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Wednesday, October 3, 2012

On the mend...

While waiting for the bike patrol to take me up the mountain (after breaking my collar bone), my friend said to me, "a broken bone will open up all kinds of emotions." I didn't know quite what he meant at the time, I was too focused trying to calm the waves of pain flowing through my left shoulder. I know understand what he was saying.

Anytime your health or well being are comprised, aka broken bone, your immediate response is to figure out how to make things better - how to become healthy again. After all of the fear and stress of the unknown, I have come out a stronger person - a motivated person.

It's now 3 weeks post surgery. A titanium plate and six screws have provided the alignment I need so that my collarbone can mend properly. Last week I got my staples taken out and reassurance from my orthopedic surgeon that my bones were knitting back together. It was the first sign that things would soon be getting back to normal.

I'm lucky. On a scale of all the things that could happen to a person, a broken collarbone is pretty minor. It has, however, provided an opportunity to put things in perspective. It's time to build.








Monday, July 16, 2012

Whis-gnar

Hot temps this summer have reinforced the decision to head to the high country. Well, high for WV. The summit elevation is around 3500' and the Western Territory offers 1500' of descent. So logically it made sense to to purchase a season bike pass. This year I have been re-stoking my passion for two-wheeled travel having the opportunity to ride in OR, PA, and more recently dialing in the lines at Snowshoe. Below is some archive footage from a 2010 trip to the Whistler bike park on the infamous A-Line (GoPro footage from my good friend Seth Burke).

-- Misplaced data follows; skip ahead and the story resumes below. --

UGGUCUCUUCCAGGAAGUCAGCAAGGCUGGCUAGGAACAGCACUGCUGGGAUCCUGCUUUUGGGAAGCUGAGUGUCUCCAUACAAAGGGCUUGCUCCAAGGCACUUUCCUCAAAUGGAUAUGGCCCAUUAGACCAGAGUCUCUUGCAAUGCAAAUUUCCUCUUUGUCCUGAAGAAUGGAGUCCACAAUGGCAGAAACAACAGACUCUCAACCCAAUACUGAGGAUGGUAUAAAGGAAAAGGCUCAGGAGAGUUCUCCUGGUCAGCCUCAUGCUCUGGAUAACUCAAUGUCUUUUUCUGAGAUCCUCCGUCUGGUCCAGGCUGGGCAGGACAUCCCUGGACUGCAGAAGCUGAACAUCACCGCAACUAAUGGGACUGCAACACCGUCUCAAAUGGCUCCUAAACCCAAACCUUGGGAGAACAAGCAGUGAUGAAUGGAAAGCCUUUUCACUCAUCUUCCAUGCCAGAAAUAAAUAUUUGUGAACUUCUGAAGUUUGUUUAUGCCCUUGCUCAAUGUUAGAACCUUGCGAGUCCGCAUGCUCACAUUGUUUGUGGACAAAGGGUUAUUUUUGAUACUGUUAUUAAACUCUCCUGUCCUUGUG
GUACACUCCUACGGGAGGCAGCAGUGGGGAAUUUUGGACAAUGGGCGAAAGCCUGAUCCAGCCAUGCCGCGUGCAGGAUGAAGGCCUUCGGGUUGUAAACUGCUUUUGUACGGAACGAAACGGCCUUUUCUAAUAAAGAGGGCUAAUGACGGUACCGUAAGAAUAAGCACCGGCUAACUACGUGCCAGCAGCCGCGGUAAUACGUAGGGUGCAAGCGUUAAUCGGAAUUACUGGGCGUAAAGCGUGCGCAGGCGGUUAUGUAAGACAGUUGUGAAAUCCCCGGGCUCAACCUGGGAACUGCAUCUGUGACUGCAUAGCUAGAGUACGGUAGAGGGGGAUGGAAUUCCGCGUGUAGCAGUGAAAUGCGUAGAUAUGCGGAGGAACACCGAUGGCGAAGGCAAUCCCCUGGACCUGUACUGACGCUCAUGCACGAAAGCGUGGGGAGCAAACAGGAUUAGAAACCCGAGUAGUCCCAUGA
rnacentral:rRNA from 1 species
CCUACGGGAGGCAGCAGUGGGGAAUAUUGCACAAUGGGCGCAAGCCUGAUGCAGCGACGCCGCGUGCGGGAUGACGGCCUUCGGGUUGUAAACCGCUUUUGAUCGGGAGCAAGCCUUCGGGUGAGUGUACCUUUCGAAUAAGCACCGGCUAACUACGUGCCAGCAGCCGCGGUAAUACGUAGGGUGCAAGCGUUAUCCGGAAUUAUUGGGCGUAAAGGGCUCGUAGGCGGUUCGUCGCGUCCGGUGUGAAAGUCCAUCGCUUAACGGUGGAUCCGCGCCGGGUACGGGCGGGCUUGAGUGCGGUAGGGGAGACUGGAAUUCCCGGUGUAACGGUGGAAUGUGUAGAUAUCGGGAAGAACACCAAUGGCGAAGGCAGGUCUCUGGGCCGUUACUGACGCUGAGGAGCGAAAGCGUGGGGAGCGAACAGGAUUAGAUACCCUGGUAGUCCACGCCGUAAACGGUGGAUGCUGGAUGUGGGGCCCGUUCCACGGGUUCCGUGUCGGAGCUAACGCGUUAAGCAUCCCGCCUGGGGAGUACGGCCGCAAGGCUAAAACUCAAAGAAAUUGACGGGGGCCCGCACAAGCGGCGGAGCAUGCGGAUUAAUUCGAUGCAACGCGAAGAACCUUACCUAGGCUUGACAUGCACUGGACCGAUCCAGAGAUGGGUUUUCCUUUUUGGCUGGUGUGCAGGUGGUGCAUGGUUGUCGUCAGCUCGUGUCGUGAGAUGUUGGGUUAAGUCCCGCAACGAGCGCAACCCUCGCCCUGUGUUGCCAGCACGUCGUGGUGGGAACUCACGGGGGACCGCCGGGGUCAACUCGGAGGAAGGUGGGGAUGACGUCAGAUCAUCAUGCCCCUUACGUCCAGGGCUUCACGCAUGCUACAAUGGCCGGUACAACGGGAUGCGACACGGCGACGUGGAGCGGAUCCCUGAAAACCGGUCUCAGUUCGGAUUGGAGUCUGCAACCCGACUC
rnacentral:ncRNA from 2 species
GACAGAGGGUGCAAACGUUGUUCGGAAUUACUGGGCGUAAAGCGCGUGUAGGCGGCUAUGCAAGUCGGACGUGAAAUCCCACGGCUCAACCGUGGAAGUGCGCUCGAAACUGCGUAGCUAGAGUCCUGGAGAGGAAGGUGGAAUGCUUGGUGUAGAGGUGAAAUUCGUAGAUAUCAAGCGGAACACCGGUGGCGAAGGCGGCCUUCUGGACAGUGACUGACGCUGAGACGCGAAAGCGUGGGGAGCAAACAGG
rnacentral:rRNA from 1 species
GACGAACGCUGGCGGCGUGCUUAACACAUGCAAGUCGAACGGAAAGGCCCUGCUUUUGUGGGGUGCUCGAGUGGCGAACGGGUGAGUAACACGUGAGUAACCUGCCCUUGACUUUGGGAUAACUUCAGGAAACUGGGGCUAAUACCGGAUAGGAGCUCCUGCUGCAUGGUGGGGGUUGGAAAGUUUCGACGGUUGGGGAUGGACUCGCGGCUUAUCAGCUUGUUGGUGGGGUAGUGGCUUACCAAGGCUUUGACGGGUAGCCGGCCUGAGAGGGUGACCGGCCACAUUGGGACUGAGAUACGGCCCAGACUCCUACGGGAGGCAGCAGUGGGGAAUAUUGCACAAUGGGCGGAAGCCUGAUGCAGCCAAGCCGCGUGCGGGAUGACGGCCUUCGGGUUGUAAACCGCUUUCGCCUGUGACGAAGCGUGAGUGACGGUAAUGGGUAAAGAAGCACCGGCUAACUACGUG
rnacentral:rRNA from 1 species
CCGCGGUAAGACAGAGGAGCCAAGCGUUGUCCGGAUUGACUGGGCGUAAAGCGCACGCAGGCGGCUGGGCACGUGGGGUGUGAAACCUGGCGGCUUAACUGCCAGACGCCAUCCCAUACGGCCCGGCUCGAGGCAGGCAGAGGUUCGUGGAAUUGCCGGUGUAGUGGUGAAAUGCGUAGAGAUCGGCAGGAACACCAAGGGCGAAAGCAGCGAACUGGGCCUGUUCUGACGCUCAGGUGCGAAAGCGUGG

Monday, May 14, 2012

Lavender Days - April 2012







Sunday, April 8, 2012

American Alpine Club - New River Gorge Campground

Following the approach of the Grand Teton Climber's Ranch, the American Alpine Club (ACC) has been looking for new sites across the country. The formula is simple, provide affordable and accessible lodging options for climbers visiting world class climbing destinations. Recently, the AAC has invested in two new locations: the Shawangunks and the New River Gorge. Yes, you did read that correctly - the New River Gorge is getting an American Alpine Club campground. A strong and energetic climbing community, driven in part by the New River Alliance of Climbers, coupled with the diverse partnership of the AAC and Access Fund has made this unique opportunity possible. Before the project was given a green light the property needed to be re-zoned from land conservation to business & tourism. Now I know what some of you might be thinking when you read that.....Even though the property is being re-zoned the AAC plans to implement environmentally friendly building practices. For example, trees cleared to build roads will be used for the campground's shower house, pavilion and manager's quarters.
In the weeks leading up to pitch the proposal to the planning commission, I was consulted to help out with mapping the campground. This involved mapping the main access road, camping sites,  new trails, parking lots, etc. and incorporating this information into a geographic information system (GIS). I'm very excited to use my background in GIS to help out with this project. Below is a 34"x48" map that was created for the Planning Commission and Fayette County Commissioners to help pitch the proposal. The Planning Commission gave their consent with a 10-0 vote on 3/26/12. This good news was presented to the Fayette County Commission on 4/4/12 and was approved for re-zoning! The first phase of the project will involve constructing the main access road and roughing in around twenty campsites. Additional phases will involve building a pavilion, shower house, manager's quarters and constructing additional campsites, with an estimated build of 60 campsites. The project has a rich history and I want to thank everyone involved, especially Gene Kistler, NRAC and the AAC who continued to support the effort.